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Latest New England Journal Stories

2012-12-06 11:16:07

As lawmakers on both sides of the political aisle look for ways to reduce federal spending in the coming weeks Medicaid may emerge as a prime target, according to a new analysis by Professor Sara Rosenbaum, JD, the Harold and Jane Hirsh Professor of Health Law and Policy at the George Washington University School of Public Health and Health Services (SPHHS). The analysis, which appears online December 5 in the New England Journal of Medicine, indicates that severe cuts to the Medicaid program...

2012-11-29 15:01:16

Boston, MA — An analysis of newly released polls shows that most of those who voted for President Obama in the 2012 election favor implementing the Affordable Care Act (ACA) and want the federal government to continue efforts to make sure most Americans have health insurance coverage. However, at the same time the President was re-elected, Republicans maintained a majority in the U.S. House of Representatives, and 30 of the nation's 50 states will have Republican governors. The...

2012-11-29 14:56:43

HOUSTON — A previously invincible mutation in chronic myeloid leukemia (CML) has been thwarted by an investigational drug in a phase I clinical trial reported in the current edition of The New England Journal of Medicine. All 12 patients in the trial with chronic phase CML and the T315I mutation had a complete hematologic response (absence of CML cells in the blood) after treatment with ponatinib. Eleven had a major reduction in CML cells in the bone marrow and nine achieved a...

2012-11-29 14:42:24

(Boston) — In a perspective article to appear in the Nov. 29 issue of the New England Journal of Medicine, researchers from Boston University Schools of Medicine and Public Health (BUSM and BUSPH) report that health-care providers can play a critical role in helping to reduce and prevent intimate partner violence (IPV) by screening and referring patients to appropriate resources. The U.S. Centers for Disease Control and Prevention recently released a comprehensive report on the...

2012-11-23 10:52:09

Immune globulin replacement began decades ago as a treatment for patients who could not make their own protective antibodies, but has proven to have much broader benefits than originally expected. With new uses regularly being discovered for this limited and expensive resource, including as a potential treatment for Alzheimer's disease, now is the time to discover exactly how intravenous immune globulin (IVIG) treatments work, and to engineer a protein that can provide similar benefits,...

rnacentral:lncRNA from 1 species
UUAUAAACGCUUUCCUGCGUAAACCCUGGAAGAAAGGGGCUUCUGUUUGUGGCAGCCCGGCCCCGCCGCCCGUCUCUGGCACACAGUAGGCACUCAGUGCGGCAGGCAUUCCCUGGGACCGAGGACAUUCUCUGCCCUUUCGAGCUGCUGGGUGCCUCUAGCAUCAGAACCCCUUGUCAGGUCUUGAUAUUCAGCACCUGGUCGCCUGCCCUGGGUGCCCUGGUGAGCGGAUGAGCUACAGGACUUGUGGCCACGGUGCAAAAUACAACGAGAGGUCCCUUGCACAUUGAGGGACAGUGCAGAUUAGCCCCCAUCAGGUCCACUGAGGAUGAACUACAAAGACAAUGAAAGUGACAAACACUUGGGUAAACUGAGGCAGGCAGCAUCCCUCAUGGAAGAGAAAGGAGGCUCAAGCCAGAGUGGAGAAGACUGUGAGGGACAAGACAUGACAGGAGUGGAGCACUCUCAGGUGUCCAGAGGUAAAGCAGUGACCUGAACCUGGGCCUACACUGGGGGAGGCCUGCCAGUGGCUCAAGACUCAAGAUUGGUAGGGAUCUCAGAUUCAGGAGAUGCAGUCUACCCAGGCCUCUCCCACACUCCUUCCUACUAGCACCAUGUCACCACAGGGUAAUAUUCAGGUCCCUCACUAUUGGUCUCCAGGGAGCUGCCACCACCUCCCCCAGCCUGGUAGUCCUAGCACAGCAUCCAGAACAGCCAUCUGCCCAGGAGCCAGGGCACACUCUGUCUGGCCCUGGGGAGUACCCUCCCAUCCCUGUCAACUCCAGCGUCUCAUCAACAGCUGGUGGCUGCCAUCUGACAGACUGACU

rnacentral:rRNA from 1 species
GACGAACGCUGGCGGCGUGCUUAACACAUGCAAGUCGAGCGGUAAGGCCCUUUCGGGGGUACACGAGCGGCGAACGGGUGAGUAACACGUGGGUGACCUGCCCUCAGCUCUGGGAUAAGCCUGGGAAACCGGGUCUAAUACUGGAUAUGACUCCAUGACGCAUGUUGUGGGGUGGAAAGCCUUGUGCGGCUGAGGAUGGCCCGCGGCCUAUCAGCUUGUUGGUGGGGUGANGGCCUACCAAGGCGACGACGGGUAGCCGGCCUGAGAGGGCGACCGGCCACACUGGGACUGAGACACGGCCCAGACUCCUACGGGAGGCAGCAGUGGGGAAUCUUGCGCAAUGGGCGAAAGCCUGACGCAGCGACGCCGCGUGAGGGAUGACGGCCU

2012-11-09 10:55:32

Physicians at Boston Medical Center (BMC) have developed a training video for health care providers about how to effectively use capnography to monitor ventilation and carbon dioxide levels for patients under anesthesia or conscious sedation. This is the sixth video published in the New England Journal of Medicine's Videos in Clinical Medicine section produced by BMC. It highlights the importance of using capnography to increase patient safety. Capnography, which graphically monitors...

2012-11-08 11:26:04

Electronic health records (EHRs) are expected to improve patient safety, but they themselves can present challenges for which health care providers must be prepared. Experts at The University of Texas Health Science Center at Houston and Baylor College of Medicine have proposed a framework to help develop new national patient safety goals unique to electronic health record-enabled clinical settings. Their report appears in the current issue of the New England Journal of Medicine....

2012-11-05 15:06:16

In one of the largest and longest trials involving patients with kidney failure, a study led by an international team of researchers found that cinacalcet – a drug commonly prescribed to patients with kidney failure and a disturbance of bone and mineral metabolism known as secondary hyperparathyroidism – does not significantly reduce the risk of death or major cardiovascular events. The results of the trial known as EVOLVE, which enrolled nearly 4,000 kidney patients from...

2012-11-05 15:03:03

A drug therapy shows promise for treating an inherited form of kidney disease called autosomal dominant polycystic kidney disease (ADPKD), Mayo Clinic researchers say. The medication, tolvaptan, slowed the pace of kidney cyst growth over the three years of the study. The phase three clinical trial results were being presented today at the American Society of Nephrology annual meeting and published online in the New England Journal of Medicine. The multicenter study found tolvaptan...

2012-11-01 10:15:34

Reforming Medicare payments based on large geographic regions may be too bluntly targeted to promote the best use of health care resources, a new analysis from the University of Pittsburgh Graduate School of Public Health suggests. The analysis will be published in the Nov. 1 issue of the New England Journal of Medicine. "Much policy attention has been drawn to the large geographic variation in health care spending across regions, and for good reason — because regional variation...